Over the next six pages we bring you trends and tips, clothes and accessories, and, most importantly, a list of the shops that will get you into fashion shape for spring. First up, Sarah Graham, editor-in-chief of Scottish online fashion bible The Coveted Mag, kickstarts proceedings with her thoughts on why Scottish fashion does so much more than it says on the tin

S cottish fashion is not all tartan. When I was studying fashion marketing, I couldn’t wait to graduate so I could move to London and start working for one of the big design houses. Then when it came to the crunch, I couldn’t bear to leave behind the country where I had lived all my life. I began to look at the opportunities here for a young fashion upstart. I threw myself headlong into the world of unpaid internships at newspapers and magazines, volunteered at fashion shows and photo shoots and later worked as a freelance stylist for events such as the MOBO Awards, developing my own opinions about the direction of this nation’s fashion scene

along the way. A pet peeve of mine is when Scottish fashion events planners play the stereotypical Scottish card. Is it any wonder that folk living outside of Scotland believe that we Scots wear kilts every day and chomp haggis for breakfast when our fashion shows and fancy awards dos are so full of nationalistic cheerleading? Surely we Scots can be as innovative and cool as our London-dwelling counterparts, without the desperate search for a national identity? Cue epiphany. I started Coveted Mag to help ditch the tartan, and I’m not alone in this ambition. There are numerous Scottish fashion innovators all advancing the scene without the help of the Scottish tag. Here are my top five:

ISOBEL AND CLEO Given the abundance of sheep in Scotland, it is understandable why there are so many cashmere and wool companies offering knitwear that barely differentiates itself. Isobel and Cleo make leggings, tunics and chunky pleated scarves that are fashion forward. Their knitted fringed trousers are a firm favourite of mine. SPRUCED UP & WALK THE SAND I used to think that Scottish fashion blogs started and ended with the world-renowned Kingdom of Style (, but recently I stumbled upon these two gems. Steph at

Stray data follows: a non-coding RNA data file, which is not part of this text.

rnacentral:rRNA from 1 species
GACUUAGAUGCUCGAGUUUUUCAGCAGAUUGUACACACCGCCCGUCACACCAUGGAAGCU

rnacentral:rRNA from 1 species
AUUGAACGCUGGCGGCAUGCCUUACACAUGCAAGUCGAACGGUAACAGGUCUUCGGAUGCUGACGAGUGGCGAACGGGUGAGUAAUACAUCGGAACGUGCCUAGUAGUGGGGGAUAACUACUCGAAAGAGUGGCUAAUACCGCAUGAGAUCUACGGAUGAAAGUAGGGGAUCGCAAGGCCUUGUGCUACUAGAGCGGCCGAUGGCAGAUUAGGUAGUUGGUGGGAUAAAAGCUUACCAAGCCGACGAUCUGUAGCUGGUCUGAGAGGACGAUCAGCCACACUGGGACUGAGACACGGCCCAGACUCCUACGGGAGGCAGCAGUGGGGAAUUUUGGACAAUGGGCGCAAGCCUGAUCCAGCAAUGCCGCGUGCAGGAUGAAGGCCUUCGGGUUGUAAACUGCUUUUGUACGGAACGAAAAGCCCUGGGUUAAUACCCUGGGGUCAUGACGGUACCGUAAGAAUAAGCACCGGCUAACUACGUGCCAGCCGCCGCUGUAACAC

Walk the Sand is currently blogging an A-Z of all things fashion, featuring current runway shows, and much loved pieces from her overflowing wardrobe. Caitlin at Spruced Up never fails to make me smile with her self- deprecating wit and impressive shoe collection.

HANNAH ZAKARI I have no choice but to churn out overused terms such as ‘one-stop shop’, ‘treasure trove’ and ‘haven’ when describing Hannah Zakari. Their online shop is home to a plethora of indie designers, some Scottish, some not, who specialise in jewellery, bags, and homewares. Some of my favourite handbag designers such as Sarey Poppins and Dazed Dorothy are stocked along with jewellery designers I Am Acrylic, Plastic Bat and Haberdash House. ROWAN JOY As a vintage lover, I appreciate the obvious influence that past fashion eras have had on Rowan Joy’s collections. Coupled with bright colours, and shapes reminiscent of dresses worn in childhood, her collections are fun and novel. Rowan Joy is stocked at Godiva Boutique in Edinburgh and Raw Vintage in Glasgow.

DEATH DISCO Death Disco is a firm favourite with fashion students and creative types. I stopped going to Death Disco at the Arches a long time ago on account of my age, and due to the realisation that I just don’t do dance music. The only reason I used to go was to dress up and go a bit wild. One such outfit of mine included a 1960s mod-tastic bright green mini-dress, worn with a blue and yellow apron my friend had made. I also carted around a large fluorescent green and purple toy snake we named Jobby. I don’t think you could get away with that in other student haunts like The Garage. Death Disco has always been the place for aspiring fashion photographers to go and take street style imagery of the punters. Even though I have stopped attending the club night, I still log on to their Flickr site to have a wee look at the clothes on show.

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12 THE LIST 4–18 Mar 2010